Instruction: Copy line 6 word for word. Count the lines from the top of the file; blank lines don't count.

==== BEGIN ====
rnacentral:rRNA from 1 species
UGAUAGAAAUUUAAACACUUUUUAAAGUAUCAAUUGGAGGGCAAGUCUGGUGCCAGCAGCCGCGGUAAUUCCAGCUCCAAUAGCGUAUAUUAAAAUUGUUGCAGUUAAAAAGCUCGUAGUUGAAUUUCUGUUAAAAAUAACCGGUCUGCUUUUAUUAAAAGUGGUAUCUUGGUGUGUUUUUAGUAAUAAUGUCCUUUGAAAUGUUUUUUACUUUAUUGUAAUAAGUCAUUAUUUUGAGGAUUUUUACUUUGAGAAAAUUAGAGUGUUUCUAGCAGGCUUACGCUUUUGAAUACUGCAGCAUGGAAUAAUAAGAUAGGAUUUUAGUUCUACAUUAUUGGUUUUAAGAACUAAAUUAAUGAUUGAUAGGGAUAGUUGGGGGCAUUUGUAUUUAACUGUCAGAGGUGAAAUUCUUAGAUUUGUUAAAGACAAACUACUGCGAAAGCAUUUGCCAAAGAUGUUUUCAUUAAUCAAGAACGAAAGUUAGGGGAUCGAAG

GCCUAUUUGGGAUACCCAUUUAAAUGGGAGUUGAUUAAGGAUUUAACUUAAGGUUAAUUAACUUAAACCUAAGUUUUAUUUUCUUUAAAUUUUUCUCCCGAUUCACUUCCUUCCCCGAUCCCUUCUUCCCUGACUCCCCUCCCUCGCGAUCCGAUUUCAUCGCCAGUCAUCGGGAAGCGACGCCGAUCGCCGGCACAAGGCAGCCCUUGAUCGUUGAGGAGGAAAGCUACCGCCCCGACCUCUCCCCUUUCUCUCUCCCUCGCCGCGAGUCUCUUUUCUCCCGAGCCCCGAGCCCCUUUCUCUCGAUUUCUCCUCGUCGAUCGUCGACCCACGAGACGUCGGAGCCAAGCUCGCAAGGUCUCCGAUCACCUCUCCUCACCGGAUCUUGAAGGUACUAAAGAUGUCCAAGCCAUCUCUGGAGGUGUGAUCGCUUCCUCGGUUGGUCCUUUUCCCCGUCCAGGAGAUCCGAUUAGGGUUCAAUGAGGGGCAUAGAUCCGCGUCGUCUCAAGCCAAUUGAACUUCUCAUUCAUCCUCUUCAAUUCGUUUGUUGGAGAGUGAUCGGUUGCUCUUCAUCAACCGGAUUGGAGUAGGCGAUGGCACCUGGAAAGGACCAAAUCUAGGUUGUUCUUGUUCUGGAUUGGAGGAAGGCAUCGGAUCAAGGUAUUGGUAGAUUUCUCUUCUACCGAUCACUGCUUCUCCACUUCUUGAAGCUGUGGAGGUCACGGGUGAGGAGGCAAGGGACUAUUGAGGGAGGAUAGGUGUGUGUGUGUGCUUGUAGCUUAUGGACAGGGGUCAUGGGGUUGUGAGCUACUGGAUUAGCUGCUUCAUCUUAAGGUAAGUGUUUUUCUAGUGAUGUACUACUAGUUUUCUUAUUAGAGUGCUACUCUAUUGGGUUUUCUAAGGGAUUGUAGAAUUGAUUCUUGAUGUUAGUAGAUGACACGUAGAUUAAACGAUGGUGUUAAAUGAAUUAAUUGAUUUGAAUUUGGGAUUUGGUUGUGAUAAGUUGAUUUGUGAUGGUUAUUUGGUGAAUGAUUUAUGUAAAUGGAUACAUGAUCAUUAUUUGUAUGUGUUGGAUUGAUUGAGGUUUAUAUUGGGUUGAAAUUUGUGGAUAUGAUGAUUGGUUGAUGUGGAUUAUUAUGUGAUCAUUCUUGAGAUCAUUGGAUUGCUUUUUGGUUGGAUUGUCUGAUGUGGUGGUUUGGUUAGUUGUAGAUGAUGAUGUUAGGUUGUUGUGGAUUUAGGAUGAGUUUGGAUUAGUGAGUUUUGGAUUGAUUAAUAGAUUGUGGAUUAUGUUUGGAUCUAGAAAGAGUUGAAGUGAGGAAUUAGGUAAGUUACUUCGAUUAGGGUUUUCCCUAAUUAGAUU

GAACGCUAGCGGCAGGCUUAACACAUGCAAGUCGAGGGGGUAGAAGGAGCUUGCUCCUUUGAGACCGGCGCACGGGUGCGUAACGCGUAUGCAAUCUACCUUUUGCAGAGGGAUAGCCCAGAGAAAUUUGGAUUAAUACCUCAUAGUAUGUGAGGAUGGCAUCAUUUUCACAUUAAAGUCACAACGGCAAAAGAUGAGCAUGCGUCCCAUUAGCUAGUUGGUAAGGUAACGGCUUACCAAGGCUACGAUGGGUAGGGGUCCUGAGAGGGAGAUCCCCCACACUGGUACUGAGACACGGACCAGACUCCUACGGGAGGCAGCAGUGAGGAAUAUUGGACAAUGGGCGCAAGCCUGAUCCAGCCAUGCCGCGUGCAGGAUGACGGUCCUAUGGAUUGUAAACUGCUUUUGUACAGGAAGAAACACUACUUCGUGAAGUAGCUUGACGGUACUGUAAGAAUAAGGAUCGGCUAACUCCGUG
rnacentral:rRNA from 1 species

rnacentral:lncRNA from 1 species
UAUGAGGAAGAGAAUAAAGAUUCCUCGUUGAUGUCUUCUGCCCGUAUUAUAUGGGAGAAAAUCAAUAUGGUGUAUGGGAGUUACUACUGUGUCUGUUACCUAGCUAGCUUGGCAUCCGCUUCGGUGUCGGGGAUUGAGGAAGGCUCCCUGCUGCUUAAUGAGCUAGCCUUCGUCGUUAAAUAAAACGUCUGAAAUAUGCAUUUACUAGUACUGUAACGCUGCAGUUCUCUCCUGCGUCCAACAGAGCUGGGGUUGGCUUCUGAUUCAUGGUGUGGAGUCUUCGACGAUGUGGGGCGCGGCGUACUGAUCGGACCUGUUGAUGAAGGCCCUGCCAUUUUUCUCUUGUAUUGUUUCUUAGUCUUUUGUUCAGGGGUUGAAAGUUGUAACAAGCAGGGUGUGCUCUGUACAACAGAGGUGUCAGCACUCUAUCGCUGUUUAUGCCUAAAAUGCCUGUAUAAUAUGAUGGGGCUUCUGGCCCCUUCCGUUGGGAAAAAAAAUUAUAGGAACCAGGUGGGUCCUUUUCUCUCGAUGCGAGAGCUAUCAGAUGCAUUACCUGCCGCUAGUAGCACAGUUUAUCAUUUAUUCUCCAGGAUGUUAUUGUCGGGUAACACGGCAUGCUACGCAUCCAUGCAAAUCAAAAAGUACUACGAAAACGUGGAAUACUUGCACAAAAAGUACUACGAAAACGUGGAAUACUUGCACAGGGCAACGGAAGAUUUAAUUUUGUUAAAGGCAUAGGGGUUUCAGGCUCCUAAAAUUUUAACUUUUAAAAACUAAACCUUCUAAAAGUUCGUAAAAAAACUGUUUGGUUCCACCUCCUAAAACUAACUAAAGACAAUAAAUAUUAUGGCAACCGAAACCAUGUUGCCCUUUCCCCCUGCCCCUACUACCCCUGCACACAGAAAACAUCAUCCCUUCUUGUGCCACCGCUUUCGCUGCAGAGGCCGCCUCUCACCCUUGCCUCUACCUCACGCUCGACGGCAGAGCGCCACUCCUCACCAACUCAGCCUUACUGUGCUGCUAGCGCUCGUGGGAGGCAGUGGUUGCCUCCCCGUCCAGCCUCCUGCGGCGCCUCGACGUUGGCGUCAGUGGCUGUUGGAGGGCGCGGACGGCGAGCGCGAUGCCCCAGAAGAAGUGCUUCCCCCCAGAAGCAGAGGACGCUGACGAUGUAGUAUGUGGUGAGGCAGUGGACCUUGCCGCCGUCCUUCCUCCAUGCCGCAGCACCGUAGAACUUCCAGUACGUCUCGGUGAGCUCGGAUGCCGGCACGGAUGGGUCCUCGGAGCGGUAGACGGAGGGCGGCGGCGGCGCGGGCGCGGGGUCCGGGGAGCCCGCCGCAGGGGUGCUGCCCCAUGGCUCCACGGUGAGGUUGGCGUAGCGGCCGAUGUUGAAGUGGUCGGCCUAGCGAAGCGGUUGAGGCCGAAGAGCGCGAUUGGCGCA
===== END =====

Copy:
rnacentral:lncRNA from 1 species